Several recent conversations have me thinking about “big issues” in Unit 4. The kind that really matter. I am not saying I know what they are or that I have found all of them, but I am beginning to see that Literacy is a big deal. More so because it is not isolated to Unit 4 and definitely crosses over into community responsibilities as well.
First I would like to paint a background picture of what is framing my thoughts.
I. Great at 8 (Voices for Illinois Children): Project Director Madelyn James has indicated to me that the “Great at 8” initiative aims to raise awareness and strives to get more people involved in the political machine. Especially in light of the significant decrease in State dollars coming into Education and Community Support buckets. She is also working with Community Engagement Associate Jessica Roberts to start community dialogues. You can imagine that perked my curiosity. 🙂 Voices has sponsored a “Kids Count” data book and now an upcoming Symposium in Chicago; from what I have seen so far, they seem paint a somewhat grim picture of reality and attempt to elicit passion and sympathy for our children’s potential. Yet I have not really found much to sink my teeth into – where are the practical steps I can take right here and right now?
Literacy—Foundational literacy skills are critical and it is our goal in Unit 4 to have all students reading at their grade level by third grade. We are committed to early intervention and accelerating all students to ensure their future academic success.
Obviously, she recognizes and acknowledges that this is an issue worthy of our attention. I am curious what form “early intervention” takes and how it helps, practically speaking, to accelerate all students.
III. This morning, I had a most excellent talk with the Carrie Busey Principal (Jeff Scott) and another parent. We talked about issues in the learning environment, and especially how some children do really well while others do not. It seems like those that struggle have a significant challenge in the classroom because of what happens outside the classroom; some kids are not ready to learn, others are willing but the material is slower to sink in. There were personal accounts of how some 2nd graders were still struggling with learning their letters. While I believe it is entirely possible for these very children to be “Great at 8”, they were not yet on that path. Which leads me to this post.
How do we get all children to be “Great at 8”, to have achieved 3rd grade reading levels by the end of 3rd grade? How do we adjust and adapt for those students that do not learn well in the current instruction models?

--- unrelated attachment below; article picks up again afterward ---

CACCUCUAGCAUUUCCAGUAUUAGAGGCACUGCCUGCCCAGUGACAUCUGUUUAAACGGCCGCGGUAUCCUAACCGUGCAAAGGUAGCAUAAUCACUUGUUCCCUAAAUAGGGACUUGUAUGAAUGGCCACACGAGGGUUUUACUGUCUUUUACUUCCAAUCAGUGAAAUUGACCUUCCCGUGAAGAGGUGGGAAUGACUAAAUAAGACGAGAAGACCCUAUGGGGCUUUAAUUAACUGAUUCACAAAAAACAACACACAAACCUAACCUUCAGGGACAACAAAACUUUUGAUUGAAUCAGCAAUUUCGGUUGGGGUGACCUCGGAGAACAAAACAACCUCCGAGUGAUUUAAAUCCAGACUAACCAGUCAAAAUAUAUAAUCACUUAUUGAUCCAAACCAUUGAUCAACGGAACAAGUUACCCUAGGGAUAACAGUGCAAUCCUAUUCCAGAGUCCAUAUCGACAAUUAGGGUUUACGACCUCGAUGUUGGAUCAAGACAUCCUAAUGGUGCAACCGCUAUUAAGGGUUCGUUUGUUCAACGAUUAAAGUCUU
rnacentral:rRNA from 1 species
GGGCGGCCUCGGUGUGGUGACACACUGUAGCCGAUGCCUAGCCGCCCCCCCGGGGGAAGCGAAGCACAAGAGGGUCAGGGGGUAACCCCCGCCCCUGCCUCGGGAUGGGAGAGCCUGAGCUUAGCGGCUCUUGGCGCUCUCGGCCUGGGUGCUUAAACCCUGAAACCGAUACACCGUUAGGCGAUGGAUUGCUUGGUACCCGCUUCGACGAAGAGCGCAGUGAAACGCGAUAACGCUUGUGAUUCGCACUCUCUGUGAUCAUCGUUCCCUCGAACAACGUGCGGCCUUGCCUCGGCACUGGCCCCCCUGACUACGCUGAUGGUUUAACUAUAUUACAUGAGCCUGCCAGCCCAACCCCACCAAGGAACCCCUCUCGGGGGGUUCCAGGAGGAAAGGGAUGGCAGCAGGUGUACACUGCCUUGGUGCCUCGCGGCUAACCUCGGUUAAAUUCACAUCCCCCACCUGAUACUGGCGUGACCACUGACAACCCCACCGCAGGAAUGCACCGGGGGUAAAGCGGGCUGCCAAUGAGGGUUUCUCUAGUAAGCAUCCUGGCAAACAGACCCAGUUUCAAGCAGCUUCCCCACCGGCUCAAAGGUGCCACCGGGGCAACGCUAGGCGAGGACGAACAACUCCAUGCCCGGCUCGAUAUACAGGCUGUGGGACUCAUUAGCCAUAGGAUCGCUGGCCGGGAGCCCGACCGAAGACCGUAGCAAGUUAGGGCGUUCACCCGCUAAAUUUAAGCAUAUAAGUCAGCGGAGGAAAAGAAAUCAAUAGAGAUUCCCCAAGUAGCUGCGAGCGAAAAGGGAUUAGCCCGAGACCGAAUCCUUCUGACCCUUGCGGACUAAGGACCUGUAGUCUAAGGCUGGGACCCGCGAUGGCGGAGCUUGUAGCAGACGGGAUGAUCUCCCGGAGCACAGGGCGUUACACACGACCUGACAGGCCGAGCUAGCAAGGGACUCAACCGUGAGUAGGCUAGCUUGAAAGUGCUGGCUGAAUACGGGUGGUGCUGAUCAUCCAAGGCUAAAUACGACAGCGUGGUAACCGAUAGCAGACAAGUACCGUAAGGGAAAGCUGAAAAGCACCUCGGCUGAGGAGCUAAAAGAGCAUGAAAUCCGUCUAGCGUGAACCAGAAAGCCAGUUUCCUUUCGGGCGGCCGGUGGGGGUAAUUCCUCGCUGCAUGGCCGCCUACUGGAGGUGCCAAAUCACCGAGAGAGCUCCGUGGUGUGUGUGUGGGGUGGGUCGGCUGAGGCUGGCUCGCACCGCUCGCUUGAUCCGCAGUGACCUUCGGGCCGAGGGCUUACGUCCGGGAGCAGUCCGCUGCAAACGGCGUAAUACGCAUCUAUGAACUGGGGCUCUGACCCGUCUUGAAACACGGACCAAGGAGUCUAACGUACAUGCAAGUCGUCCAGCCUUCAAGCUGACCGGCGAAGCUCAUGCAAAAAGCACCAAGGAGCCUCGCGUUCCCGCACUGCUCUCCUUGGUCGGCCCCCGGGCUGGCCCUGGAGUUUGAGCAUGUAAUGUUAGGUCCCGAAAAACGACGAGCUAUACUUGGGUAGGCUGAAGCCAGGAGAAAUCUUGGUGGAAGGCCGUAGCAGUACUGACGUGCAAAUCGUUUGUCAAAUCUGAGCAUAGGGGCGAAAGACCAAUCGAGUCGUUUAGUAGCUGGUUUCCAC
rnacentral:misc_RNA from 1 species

Some ideas we talked about involved getting more parents involved. [Put on Cap of Utiopia +5] Even if your child (or children) is doing great, what would it look like if more parents were helping in the classrooms with small groups of kids that need special attention? What if parents could rearrange their schedules to help other families after school; even if it was not focused on providing “instruction” or going over homework, but just living. What if a family was not able to pay the power bill and the child was having trouble sleeping because it was too cold? Or how about this; what if you are a parent at a totally awesome school that has “too many” volunteers – could you volunteer at a school that was less fortunate? At Carrie Busey, we will debut a program called “Helping Hands” modeled after a program at Heritage Elementary in the Huron Valley School District (Michigan), a program that links resources with needs in the school community. Just one step among many possibilities.
We can shake and shuffle the 6 hours that a child is in school – we can change the pace, we can focus on different things, we can do a lot. But there is so much more going on outside those walls that play a part of the picture. And this is where I start thinking Social Justice. I am not saying, by any means, that our schools are perfect and we should just let them do whatever they are doing. No, let us work to improve things both inside and outside the classrooms. But we need more people. The few that are doing it now are in trouble of burning out.
Like Madelyn James, I also want to raise awareness. I think once people realize what the situation is, it makes it easier to start forming action plans and taking steps. I hope.
UPDATE: I should add that I have had many similar conversations over the years and I know folks (looking at you, Chuck Jackson) have had literacy on the mind for quite some time.